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How Much Should Screening Mammography Really Cost?

Summary and Comment |
February 10, 2014

How Much Should Screening Mammography Really Cost?

  1. Andrew M. Kaunitz, MD

Models suggest major opportunities to save resources without compromising outcomes.

  1. Andrew M. Kaunitz, MD

Considerable pushback accompanied the 2009 U.S Preventive Services Task Force (USPSTF) screening mammography recommendations (NEJM JW Womens Health Nov 16 2009) Now, investigators have developed models to estimate actual costs (based on Medicare reimbursement) associated with U.S. screening in 2010, as well as those associated with three screening strategies: annual from age 40 to 84, biennial from age 50 to 69, and USPSTF guidance (biennial from age 50 to 74; individualized based on risk from age 40 to 49 and the presence of comorbid conditions at age ≥75).

Estimated costs were US$7.8 billion for actual screening in 2010, $10.1 billion for annual screening, $2.6 billion for biennial screening, and $3.5 billion for USPSTF-recommended screening. Contributing factors were screening frequency, percentage of women screened, percentage of mammograms with digital technology, cost of individual mammography, and number of recalls.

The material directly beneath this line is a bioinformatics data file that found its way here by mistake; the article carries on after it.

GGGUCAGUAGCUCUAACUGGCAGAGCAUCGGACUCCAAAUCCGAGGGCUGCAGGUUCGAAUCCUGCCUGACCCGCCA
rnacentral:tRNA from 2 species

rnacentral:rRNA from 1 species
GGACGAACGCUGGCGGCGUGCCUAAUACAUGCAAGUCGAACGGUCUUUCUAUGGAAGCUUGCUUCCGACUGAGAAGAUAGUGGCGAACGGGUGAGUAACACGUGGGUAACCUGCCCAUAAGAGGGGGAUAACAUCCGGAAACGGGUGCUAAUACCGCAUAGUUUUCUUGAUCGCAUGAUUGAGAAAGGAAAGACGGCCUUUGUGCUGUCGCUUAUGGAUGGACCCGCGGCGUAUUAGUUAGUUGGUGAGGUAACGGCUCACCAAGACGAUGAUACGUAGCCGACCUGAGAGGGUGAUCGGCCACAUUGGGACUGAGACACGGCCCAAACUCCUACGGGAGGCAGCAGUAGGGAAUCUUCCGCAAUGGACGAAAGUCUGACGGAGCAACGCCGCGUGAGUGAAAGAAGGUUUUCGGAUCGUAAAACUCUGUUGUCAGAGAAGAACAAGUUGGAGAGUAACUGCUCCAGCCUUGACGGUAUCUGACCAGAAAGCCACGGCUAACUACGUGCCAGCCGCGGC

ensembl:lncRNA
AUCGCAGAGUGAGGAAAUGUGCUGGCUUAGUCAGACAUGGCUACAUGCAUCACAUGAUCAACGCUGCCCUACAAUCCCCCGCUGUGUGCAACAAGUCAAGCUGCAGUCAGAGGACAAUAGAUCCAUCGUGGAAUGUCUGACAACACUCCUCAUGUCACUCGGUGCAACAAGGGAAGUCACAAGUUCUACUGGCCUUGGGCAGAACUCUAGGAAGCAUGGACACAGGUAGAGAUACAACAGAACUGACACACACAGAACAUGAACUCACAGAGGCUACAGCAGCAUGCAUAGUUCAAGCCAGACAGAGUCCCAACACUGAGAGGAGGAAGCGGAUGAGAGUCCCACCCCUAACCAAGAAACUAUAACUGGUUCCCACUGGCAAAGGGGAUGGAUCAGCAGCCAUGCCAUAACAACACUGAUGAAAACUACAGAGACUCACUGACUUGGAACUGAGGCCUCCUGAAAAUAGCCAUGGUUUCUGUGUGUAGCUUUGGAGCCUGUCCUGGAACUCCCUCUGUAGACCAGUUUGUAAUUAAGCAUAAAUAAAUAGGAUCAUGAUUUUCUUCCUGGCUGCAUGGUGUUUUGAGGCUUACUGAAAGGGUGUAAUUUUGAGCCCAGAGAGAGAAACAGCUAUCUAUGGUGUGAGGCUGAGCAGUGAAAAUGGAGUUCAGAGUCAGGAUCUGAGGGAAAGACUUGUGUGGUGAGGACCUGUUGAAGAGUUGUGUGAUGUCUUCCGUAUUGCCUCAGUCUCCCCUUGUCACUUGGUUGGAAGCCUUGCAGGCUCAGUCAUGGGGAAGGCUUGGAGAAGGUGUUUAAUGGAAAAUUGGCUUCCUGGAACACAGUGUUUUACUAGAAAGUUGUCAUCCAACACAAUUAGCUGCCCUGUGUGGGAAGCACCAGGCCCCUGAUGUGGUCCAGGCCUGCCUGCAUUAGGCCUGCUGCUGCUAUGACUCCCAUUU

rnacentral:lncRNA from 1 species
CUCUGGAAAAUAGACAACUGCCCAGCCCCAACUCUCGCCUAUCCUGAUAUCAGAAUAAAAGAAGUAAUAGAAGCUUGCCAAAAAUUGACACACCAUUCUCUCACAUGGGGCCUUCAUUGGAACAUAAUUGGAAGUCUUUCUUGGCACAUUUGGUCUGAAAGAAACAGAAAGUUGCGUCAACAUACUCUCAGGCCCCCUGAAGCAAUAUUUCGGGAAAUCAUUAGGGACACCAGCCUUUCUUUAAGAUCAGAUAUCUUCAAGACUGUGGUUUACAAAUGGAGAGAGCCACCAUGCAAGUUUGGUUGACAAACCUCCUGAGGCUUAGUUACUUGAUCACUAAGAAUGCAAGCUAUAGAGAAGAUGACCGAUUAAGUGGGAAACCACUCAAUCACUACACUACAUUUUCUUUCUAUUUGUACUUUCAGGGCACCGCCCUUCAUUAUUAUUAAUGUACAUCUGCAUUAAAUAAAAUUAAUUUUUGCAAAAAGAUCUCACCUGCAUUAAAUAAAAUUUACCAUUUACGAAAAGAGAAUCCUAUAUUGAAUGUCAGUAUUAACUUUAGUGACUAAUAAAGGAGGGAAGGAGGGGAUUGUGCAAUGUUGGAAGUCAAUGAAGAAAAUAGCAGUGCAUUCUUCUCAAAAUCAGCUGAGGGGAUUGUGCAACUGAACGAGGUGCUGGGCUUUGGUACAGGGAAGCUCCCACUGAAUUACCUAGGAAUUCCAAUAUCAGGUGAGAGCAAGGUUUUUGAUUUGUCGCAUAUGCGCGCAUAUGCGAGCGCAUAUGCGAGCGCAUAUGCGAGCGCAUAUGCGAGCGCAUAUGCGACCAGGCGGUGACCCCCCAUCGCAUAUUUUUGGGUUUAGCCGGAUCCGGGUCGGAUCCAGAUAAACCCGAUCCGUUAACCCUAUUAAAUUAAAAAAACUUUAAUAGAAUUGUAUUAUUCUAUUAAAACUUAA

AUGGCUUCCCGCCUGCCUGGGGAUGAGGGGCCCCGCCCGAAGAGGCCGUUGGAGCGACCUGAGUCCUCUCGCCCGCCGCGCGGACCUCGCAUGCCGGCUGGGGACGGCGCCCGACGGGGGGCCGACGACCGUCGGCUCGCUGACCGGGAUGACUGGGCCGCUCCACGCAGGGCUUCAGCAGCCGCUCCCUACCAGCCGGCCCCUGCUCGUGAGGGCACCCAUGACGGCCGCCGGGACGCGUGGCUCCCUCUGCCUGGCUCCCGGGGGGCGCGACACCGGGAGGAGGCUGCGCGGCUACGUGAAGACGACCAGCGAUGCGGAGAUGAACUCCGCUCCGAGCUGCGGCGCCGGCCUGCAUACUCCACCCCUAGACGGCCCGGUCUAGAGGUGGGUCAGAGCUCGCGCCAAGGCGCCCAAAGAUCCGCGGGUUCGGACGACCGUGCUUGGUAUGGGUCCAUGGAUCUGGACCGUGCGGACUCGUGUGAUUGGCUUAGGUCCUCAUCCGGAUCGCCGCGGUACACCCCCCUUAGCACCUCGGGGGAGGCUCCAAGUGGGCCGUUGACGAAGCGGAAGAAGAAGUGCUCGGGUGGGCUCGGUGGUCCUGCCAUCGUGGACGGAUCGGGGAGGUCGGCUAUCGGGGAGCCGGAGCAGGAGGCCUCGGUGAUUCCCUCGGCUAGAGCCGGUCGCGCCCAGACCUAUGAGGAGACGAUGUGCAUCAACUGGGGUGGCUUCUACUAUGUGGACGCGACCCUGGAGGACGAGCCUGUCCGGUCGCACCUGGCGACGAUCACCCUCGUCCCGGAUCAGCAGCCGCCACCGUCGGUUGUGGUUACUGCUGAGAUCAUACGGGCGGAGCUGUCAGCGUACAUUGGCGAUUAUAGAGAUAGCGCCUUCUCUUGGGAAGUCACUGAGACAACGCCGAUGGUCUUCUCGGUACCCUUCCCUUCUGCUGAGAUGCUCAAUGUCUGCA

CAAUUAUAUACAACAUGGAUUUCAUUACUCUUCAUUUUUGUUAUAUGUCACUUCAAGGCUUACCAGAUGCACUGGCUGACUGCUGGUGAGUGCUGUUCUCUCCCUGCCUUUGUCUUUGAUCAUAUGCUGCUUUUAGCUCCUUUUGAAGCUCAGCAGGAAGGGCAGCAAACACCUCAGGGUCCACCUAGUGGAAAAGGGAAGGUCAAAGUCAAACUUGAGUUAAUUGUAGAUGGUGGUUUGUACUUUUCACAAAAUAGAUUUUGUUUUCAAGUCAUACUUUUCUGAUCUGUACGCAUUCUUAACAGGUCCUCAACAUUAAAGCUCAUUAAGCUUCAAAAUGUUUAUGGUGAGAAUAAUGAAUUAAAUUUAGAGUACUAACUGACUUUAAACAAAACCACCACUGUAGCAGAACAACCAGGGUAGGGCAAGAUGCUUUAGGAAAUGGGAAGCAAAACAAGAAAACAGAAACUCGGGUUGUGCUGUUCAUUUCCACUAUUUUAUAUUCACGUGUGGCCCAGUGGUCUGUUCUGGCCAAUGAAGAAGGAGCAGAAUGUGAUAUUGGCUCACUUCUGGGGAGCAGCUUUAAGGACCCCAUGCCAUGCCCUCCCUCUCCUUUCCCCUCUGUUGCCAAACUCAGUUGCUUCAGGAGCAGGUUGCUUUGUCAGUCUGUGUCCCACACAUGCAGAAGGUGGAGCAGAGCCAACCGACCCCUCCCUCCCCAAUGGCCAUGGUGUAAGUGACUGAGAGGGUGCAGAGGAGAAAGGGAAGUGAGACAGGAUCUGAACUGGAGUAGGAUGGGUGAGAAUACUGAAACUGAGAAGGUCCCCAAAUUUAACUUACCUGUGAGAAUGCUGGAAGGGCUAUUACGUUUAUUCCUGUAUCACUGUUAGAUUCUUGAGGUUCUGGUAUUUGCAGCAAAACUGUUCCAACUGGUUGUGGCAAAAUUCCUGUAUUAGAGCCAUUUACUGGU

Comment

Editorialists note that these cost estimates are on the low end because Medicare reimburses less than commercial payers; in addition, substantial costs are associated with newer diagnostic breast imaging technologies (e.g., magnetic resonance imaging, tomosynthesis), women's time away from work, and treatment of overdiagnosed cancers. Breast cancer mortality is similar in U.S. and the U.K. even though U.K. women are typically screened every 2 to 3 years. These observations, along with mounting concerns about the efficacy of screening mammography (NEJM JW Womens Health Jan 17 2014), should make us question our current approaches to this common test.

  • Disclosures for Andrew M. Kaunitz, MD at time of publication Consultant / Advisory board Agile; Bayer; Merck Equity Vertex Royalties UpToDate Grant / research support Agile; Bayer; Endoceutics; Medical Diagnostic Laboratories; Noven; Teva Editorial boards Contraception; MedScape; Menopause; OBG Management Leadership positions in professional societies North American Menopause Society (Board of Trustees)

Citation(s):

Reader Comments (1)

DONALD RITT Physician, Palliative Medicine, San Diego

I want my daughter screened every 2-3 years. My wife is over 70 and has other problems and does not need to be screened. If this is what I see for my family, that should suffice. There may be reasons for more frequent screening.i.e., FH, other tumors or even excessive anxiety.

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